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Synthetic Aperture Radar Image Formation Technique

The US Army seeks a partner to license and commercialize a new ultra-wideband imaging system for the detection of small targets 

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Image formation technique resolves even small targets in a SAR image
Image formation technique resolves even small targets in a SAR image
The Technology: 

Synthetic aperture radar (SAR) systems have been used in many applications to detect concealed targets. One of the challenges for using a SAR system in this type of application is they currently suffer various noise sources that prevent the generation of very high contrast images. As a result, small targets are often obscured or even embedded in the noise level of the image background. 
Moreover, SAR images of large targets may incorrectly show a secondary side image (sidelobe) that can be mistaken as a target of interest. Currently, there exists a need for an improved signal processing technique which reduces unwanted noise and enhances image reproduction.
The Army Research Lab has developed several patented techniques to minimize the effects of internal system noise and external interference in order to provide enhanced radar images. The key innovative concept is to use randomly reduced apertures combined with image pixel classification to generate virtually noise free SAR images. This technology can be applied to methods and systems for processing images from signals as radar, x-ray CAT scans, MRI (magnetic resonance imaging) equipment, or other image generating machines.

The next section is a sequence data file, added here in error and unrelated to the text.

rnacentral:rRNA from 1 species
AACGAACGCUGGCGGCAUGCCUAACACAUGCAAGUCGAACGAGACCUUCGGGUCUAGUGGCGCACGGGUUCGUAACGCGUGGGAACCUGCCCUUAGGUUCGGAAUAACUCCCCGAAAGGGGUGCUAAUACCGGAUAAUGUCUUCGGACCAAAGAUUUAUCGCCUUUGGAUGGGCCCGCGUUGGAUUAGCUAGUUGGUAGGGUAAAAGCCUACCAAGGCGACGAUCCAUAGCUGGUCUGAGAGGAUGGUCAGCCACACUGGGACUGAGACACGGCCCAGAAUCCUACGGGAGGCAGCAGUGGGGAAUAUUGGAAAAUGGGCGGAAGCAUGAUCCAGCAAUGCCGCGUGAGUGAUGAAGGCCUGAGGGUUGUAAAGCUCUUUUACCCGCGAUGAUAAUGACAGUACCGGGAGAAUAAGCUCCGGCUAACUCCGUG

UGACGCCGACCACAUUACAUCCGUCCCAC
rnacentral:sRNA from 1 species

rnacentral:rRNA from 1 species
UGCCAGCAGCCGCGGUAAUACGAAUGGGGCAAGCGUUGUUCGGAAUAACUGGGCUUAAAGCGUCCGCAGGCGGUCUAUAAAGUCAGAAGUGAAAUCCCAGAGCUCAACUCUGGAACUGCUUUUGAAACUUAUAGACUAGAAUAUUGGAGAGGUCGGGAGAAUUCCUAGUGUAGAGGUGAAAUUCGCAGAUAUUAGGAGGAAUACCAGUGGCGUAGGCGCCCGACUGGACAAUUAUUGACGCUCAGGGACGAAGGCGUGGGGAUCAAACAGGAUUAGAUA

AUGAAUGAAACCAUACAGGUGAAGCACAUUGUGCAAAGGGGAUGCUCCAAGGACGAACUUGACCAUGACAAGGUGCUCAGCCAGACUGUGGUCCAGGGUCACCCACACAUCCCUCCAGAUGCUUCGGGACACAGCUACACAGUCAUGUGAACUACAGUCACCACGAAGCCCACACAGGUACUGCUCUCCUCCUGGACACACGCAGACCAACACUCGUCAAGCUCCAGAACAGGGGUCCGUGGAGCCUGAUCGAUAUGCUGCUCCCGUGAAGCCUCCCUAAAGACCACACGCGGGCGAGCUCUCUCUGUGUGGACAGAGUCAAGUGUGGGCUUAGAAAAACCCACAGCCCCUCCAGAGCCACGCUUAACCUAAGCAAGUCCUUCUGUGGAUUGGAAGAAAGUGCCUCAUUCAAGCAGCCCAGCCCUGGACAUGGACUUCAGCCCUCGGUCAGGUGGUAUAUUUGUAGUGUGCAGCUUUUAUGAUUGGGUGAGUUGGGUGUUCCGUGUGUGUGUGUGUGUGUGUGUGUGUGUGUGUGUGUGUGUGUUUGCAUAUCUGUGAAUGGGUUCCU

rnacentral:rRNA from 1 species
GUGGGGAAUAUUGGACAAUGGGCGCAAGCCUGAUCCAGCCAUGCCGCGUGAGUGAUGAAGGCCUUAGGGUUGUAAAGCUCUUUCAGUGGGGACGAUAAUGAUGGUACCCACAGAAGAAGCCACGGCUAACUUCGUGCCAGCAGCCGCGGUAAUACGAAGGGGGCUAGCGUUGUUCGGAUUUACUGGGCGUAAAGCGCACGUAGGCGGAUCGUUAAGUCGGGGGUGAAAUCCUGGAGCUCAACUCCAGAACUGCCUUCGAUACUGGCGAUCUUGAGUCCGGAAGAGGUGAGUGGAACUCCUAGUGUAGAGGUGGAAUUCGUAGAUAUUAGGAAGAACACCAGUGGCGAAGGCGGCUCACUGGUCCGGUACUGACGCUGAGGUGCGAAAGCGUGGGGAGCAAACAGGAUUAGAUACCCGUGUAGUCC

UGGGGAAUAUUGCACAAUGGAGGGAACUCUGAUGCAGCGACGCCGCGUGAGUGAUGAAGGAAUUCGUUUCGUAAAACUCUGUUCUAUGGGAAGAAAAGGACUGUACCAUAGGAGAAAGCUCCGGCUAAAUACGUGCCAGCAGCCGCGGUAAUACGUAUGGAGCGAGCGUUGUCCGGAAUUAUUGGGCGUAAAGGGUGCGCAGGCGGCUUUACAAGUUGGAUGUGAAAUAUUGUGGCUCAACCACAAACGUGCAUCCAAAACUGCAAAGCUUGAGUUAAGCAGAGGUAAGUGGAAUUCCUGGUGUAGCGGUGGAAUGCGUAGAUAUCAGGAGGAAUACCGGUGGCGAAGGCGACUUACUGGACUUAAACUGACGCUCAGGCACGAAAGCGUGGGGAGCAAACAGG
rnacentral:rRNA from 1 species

Benefits: 
  • High contrast imaging:  Significant reduction in noise level allows detection of difficult targets.
  • Improved performance: False alarm rate reduction greatly enhances system performance capability.
  • Adaptable: Can be used with existing radar systems.
The Opportunity: 
  • Collection of at least six patents that cover SAR image enhancement are available for licensing
  • Potential for collaboration with world class group of Army scientists
  • Additional information available at techlinkcenter.org/syntheticapertureradar-imaging
Contacts: